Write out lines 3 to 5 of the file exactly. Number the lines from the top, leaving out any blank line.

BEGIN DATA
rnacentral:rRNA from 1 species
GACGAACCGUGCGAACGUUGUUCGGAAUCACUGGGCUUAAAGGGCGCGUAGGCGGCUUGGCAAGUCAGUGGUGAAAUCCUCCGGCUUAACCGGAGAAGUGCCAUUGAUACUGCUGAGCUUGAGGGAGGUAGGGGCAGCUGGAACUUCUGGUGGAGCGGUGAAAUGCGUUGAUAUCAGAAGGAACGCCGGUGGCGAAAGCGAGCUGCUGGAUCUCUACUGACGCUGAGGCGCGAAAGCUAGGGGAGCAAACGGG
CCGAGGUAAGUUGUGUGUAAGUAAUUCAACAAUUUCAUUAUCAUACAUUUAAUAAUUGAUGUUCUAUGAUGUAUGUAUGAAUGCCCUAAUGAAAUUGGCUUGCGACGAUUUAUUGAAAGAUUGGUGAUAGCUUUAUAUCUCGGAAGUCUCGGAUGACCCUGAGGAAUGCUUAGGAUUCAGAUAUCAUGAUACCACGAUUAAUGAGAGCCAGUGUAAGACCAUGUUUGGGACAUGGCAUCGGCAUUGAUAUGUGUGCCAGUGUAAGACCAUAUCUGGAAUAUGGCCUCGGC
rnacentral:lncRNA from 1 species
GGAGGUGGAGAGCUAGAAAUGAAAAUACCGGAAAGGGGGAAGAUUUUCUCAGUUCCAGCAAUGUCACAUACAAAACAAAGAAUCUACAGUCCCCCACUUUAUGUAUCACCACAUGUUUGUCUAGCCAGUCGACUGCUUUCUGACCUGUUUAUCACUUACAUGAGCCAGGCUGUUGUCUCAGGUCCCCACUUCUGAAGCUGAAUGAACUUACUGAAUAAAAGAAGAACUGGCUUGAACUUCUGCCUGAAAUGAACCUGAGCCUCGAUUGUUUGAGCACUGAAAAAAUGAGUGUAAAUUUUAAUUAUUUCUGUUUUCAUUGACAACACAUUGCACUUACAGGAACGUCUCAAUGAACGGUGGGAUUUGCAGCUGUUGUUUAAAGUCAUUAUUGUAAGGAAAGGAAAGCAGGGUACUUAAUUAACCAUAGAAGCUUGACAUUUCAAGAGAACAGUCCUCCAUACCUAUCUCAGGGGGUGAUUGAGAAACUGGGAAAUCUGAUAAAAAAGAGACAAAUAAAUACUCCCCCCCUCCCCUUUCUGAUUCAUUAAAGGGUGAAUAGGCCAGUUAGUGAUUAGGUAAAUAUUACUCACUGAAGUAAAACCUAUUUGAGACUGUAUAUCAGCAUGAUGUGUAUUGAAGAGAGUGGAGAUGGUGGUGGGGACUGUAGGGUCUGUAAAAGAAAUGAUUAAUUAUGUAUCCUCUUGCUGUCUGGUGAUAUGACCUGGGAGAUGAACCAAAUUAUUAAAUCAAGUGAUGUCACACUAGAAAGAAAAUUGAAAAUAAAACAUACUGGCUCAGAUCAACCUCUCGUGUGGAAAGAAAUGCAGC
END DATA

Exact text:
CCGAGGUAAGUUGUGUGUAAGUAAUUCAACAAUUUCAUUAUCAUACAUUUAAUAAUUGAUGUUCUAUGAUGUAUGUAUGAAUGCCCUAAUGAAAUUGGCUUGCGACGAUUUAUUGAAAGAUUGGUGAUAGCUUUAUAUCUCGGAAGUCUCGGAUGACCCUGAGGAAUGCUUAGGAUUCAGAUAUCAUGAUACCACGAUUAAUGAGAGCCAGUGUAAGACCAUGUUUGGGACAUGGCAUCGGCAUUGAUAUGUGUGCCAGUGUAAGACCAUAUCUGGAAUAUGGCCUCGGC
rnacentral:lncRNA from 1 species
GGAGGUGGAGAGCUAGAAAUGAAAAUACCGGAAAGGGGGAAGAUUUUCUCAGUUCCAGCAAUGUCACAUACAAAACAAAGAAUCUACAGUCCCCCACUUUAUGUAUCACCACAUGUUUGUCUAGCCAGUCGACUGCUUUCUGACCUGUUUAUCACUUACAUGAGCCAGGCUGUUGUCUCAGGUCCCCACUUCUGAAGCUGAAUGAACUUACUGAAUAAAAGAAGAACUGGCUUGAACUUCUGCCUGAAAUGAACCUGAGCCUCGAUUGUUUGAGCACUGAAAAAAUGAGUGUAAAUUUUAAUUAUUUCUGUUUUCAUUGACAACACAUUGCACUUACAGGAACGUCUCAAUGAACGGUGGGAUUUGCAGCUGUUGUUUAAAGUCAUUAUUGUAAGGAAAGGAAAGCAGGGUACUUAAUUAACCAUAGAAGCUUGACAUUUCAAGAGAACAGUCCUCCAUACCUAUCUCAGGGGGUGAUUGAGAAACUGGGAAAUCUGAUAAAAAAGAGACAAAUAAAUACUCCCCCCCUCCCCUUUCUGAUUCAUUAAAGGGUGAAUAGGCCAGUUAGUGAUUAGGUAAAUAUUACUCACUGAAGUAAAACCUAUUUGAGACUGUAUAUCAGCAUGAUGUGUAUUGAAGAGAGUGGAGAUGGUGGUGGGGACUGUAGGGUCUGUAAAAGAAAUGAUUAAUUAUGUAUCCUCUUGCUGUCUGGUGAUAUGACCUGGGAGAUGAACCAAAUUAUUAAAUCAAGUGAUGUCACACUAGAAAGAAAAUUGAAAAUAAAACAUACUGGCUCAGAUCAACCUCUCGUGUGGAAAGAAAUGCAGC